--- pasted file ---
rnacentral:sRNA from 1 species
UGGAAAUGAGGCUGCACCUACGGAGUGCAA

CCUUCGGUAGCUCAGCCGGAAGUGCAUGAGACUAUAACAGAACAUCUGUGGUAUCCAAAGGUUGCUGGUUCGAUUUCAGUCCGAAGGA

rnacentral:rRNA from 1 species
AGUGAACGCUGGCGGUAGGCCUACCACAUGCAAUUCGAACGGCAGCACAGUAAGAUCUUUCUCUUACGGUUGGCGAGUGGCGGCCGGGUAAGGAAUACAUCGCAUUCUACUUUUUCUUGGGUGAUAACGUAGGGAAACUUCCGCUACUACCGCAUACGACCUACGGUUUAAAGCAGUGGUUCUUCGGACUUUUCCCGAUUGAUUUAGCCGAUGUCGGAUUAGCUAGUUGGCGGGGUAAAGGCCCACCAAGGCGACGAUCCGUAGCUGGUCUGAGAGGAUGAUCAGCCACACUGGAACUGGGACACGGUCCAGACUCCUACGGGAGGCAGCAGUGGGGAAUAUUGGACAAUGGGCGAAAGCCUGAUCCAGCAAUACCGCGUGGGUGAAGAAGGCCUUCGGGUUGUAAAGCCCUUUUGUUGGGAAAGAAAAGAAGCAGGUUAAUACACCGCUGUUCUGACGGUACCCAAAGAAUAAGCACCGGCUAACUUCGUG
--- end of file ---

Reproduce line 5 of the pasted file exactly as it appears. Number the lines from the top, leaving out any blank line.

AGUGAACGCUGGCGGUAGGCCUACCACAUGCAAUUCGAACGGCAGCACAGUAAGAUCUUUCUCUUACGGUUGGCGAGUGGCGGCCGGGUAAGGAAUACAUCGCAUUCUACUUUUUCUUGGGUGAUAACGUAGGGAAACUUCCGCUACUACCGCAUACGACCUACGGUUUAAAGCAGUGGUUCUUCGGACUUUUCCCGAUUGAUUUAGCCGAUGUCGGAUUAGCUAGUUGGCGGGGUAAAGGCCCACCAAGGCGACGAUCCGUAGCUGGUCUGAGAGGAUGAUCAGCCACACUGGAACUGGGACACGGUCCAGACUCCUACGGGAGGCAGCAGUGGGGAAUAUUGGACAAUGGGCGAAAGCCUGAUCCAGCAAUACCGCGUGGGUGAAGAAGGCCUUCGGGUUGUAAAGCCCUUUUGUUGGGAAAGAAAAGAAGCAGGUUAAUACACCGCUGUUCUGACGGUACCCAAAGAAUAAGCACCGGCUAACUUCGUG